ANCHORAGE, Alaska – Hockey returns to the University of Alaska Anchorage after donors, including the NHL’s newest team, raised over $ 3 million after the program was eliminated.
“It’s a great day to be a Seawolf,” UAA Chancellor Sean Parnell said on Tuesday when announcing the team would return to the ice in the 2022-23 season. “It is our day to celebrate the reintroduction of the program.”
The team must spend a year regrouping after losing its coach and players over the past 12 months, the Anchorage Daily News reported.
The Alaska Board of Regents reduced the program last year, but said it could be saved if supporters raised $ 3 million – or the amount needed to cover two years of operating costs.
The Save Seawolf Hockey fundraising campaign met that goal on Monday.
Among the 1,140 donors was the NHL’s Seattle Kraken, which kicked in about $ 150,000 from the team and individuals associated with it to keep the college program alive. Kraken also launched their own Save the Seawolves campaign.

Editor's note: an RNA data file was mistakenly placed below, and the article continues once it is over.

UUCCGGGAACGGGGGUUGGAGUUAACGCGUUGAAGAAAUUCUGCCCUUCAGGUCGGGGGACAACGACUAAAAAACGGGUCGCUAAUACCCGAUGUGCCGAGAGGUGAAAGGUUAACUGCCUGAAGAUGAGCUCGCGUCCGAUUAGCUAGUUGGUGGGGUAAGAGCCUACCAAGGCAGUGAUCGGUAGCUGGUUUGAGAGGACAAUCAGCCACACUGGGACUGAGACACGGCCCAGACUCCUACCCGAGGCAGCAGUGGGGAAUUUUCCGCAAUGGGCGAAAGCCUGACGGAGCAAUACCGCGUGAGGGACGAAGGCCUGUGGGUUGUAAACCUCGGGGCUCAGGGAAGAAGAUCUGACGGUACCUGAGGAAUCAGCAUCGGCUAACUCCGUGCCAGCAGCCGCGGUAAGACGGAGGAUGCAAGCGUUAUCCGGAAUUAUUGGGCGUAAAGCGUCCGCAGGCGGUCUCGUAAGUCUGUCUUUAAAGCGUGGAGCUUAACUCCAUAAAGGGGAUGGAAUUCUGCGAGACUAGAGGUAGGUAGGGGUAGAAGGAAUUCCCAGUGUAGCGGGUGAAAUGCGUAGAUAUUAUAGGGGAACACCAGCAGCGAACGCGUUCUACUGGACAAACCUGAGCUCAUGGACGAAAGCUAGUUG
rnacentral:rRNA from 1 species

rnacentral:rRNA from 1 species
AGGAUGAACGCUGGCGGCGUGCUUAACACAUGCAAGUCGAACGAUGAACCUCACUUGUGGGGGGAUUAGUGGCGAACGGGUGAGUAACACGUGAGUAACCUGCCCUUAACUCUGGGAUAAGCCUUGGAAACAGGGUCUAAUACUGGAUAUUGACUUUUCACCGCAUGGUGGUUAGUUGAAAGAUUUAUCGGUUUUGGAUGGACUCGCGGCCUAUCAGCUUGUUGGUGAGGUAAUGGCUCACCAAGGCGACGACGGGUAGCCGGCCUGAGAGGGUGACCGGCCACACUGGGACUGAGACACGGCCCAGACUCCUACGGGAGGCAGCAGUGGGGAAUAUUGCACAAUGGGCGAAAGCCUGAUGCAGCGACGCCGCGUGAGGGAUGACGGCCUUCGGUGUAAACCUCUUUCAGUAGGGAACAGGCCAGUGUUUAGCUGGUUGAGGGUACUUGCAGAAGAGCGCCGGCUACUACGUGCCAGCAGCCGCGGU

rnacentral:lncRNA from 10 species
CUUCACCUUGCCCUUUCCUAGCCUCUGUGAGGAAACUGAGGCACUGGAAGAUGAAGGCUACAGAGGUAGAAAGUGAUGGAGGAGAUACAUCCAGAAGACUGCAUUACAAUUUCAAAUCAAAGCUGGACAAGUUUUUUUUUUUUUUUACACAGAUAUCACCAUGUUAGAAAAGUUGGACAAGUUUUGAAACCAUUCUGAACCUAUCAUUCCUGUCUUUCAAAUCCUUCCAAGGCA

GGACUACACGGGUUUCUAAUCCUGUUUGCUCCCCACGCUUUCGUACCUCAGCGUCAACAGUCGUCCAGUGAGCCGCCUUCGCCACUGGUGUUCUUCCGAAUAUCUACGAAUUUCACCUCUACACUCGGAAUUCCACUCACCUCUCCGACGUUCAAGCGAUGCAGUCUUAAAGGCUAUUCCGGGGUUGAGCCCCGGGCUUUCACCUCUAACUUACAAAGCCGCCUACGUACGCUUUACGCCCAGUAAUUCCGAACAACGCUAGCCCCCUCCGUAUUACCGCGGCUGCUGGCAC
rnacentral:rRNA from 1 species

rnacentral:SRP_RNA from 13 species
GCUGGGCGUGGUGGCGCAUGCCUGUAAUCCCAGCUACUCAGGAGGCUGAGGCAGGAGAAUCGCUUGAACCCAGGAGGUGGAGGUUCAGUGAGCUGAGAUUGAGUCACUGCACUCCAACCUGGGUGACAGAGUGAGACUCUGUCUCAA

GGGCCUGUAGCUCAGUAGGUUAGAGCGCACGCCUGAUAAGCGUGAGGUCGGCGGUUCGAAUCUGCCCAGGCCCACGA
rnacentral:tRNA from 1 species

Kathie Bethard chaired the fundraising campaign. They raised money by hosting hockey tournaments, hockey camps, golf tournaments, silent auctions and reaching out to any potential source.
“It would not have happened if the hockey community had not risen up and believed we could get this done,” Bethard said. “Thanks to everyone who donated, from $ 2 to $ 250,000.”
Alaska Anchorage should not just find players and a coach next year; it will also have to find opponents. Both Alaska Anchorage and the University of Alaska Fairbanks were members of the disbanded Western Collegiate Hockey Association.
“There’s still a lot of work to be done,” said UAA Sports Director Greg Myford.
The UAA was not alone in enduring hard times as a program through the pandemic. Robert Morris University, just outside Pittsburgh, Pennsylvania, suspended its men’s and women’s hockey programs in May, less than two months after the Colonials hosted the NCAA Men’s Frozen Four.